Australian Shepherds are known for their striking blue eyes and mottled coats of various colors. On the other hand, Corgis are adored by many for their miniature features and goofy nature. What happens when these two are crossed? You will get an Australian Shepherd Corgi Mix—an adorable dog that will surely turn the heads of every passer-by!
Australian Shepherd Corgi Mix Overview
The perfect summarization of an Auggie appearance would be an Australian Shepherd coat over a Corgi body. However, the mix resembles both parents a lot. Besides, with the cheeky smile of Corgis, the mix looks slightly mischievous!
These dogs are a bit shorter than Australian Shepherds but larger than Corgis and are mostly found in tricolored patterns, but double or even single-colored Auggies also exist. Moreover, the coat is double, as in the case of both parent breeds, and the lovely fur falls all over the body and the legs.
Front to back, Australian Shepherd Corgi mix dogs have pointed ears that might be stiff or fallen. The face is round with a cute tapered muzzle on the front. The eyes’ shape can either take after the Aussie parent, i.e., round, or the Corgis, i.e., almond. On the back, they have a somewhat special feature: they can have either a long tail, a medium-sized one, or no tail at all.
Related Read: Corgi Mixes: 50 Most Amazing Hybrids
Personality and Temperament
Australian Shepherd Corgi mix dogs are friendly, laidback, energetic, and intelligent to their core. Add their playful and excited attitude, and they can be very social and welcoming to all.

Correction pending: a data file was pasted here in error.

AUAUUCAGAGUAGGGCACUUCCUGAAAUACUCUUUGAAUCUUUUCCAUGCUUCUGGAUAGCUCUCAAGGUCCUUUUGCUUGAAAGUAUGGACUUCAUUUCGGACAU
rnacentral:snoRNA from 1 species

The most dominant factor in their personality is their herding nature. They love to work hard and are super energetic about it. Thanks to this nature, they are blessed with the ability to be highly watchful and dynamic, making them a perfect watchdog. However, this orientation has a drawback, too: they might be prone to excessive barking whenever they see a potential threat to their owners (especially if they see you as a pack leader!).
Overall, they are always happy, cheerful, and excited to see the people they love. They fit well with families not just because of their chilly demeanor but also their high intelligence and loyalty. They love spending time with their owners; however, they tend to be stubborn and might not be that good if not socialized early.
Australian Shepherd Corgi mix dogs were first bred during the 19th century in the western United States. Farmers started crossbreeding Australian Shepherds with other stock dogs to get a dog that excels in herding and livestock management. Fruitful, the Auggies as we know them today emerged.
However, owing to the designer breed nature, the American Kennel Club (AKC) does not recognize these dogs. But several other well-known organizations, such as the Designer Dog Kennel Club (DDKC), the Dog Registry of America (DRA), and the International Designer Canine Registry (IDCR), recognize them.
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|5 to 10
|8 to 15
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|20 to 25
Australian Shepherd Corgi Mix Care